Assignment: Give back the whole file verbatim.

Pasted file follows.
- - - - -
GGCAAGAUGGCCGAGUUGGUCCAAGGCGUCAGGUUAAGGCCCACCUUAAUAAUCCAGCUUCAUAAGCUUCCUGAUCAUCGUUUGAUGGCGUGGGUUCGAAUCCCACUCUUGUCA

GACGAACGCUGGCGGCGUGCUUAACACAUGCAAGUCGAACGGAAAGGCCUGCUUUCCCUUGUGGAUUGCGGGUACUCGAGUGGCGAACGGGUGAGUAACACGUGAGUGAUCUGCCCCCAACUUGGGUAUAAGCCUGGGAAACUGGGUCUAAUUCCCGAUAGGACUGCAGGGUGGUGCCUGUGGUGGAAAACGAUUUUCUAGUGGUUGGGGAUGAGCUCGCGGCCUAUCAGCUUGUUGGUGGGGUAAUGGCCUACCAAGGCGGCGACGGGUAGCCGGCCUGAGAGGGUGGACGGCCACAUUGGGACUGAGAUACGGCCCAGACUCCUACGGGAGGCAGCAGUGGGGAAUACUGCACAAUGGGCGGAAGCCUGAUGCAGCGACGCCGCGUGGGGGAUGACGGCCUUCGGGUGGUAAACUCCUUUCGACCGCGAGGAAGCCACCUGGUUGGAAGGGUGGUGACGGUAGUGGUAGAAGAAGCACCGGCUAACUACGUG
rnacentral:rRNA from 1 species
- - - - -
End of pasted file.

GGCAAGAUGGCCGAGUUGGUCCAAGGCGUCAGGUUAAGGCCCACCUUAAUAAUCCAGCUUCAUAAGCUUCCUGAUCAUCGUUUGAUGGCGUGGGUUCGAAUCCCACUCUUGUCA

GACGAACGCUGGCGGCGUGCUUAACACAUGCAAGUCGAACGGAAAGGCCUGCUUUCCCUUGUGGAUUGCGGGUACUCGAGUGGCGAACGGGUGAGUAACACGUGAGUGAUCUGCCCCCAACUUGGGUAUAAGCCUGGGAAACUGGGUCUAAUUCCCGAUAGGACUGCAGGGUGGUGCCUGUGGUGGAAAACGAUUUUCUAGUGGUUGGGGAUGAGCUCGCGGCCUAUCAGCUUGUUGGUGGGGUAAUGGCCUACCAAGGCGGCGACGGGUAGCCGGCCUGAGAGGGUGGACGGCCACAUUGGGACUGAGAUACGGCCCAGACUCCUACGGGAGGCAGCAGUGGGGAAUACUGCACAAUGGGCGGAAGCCUGAUGCAGCGACGCCGCGUGGGGGAUGACGGCCUUCGGGUGGUAAACUCCUUUCGACCGCGAGGAAGCCACCUGGUUGGAAGGGUGGUGACGGUAGUGGUAGAAGAAGCACCGGCUAACUACGUG
rnacentral:rRNA from 1 species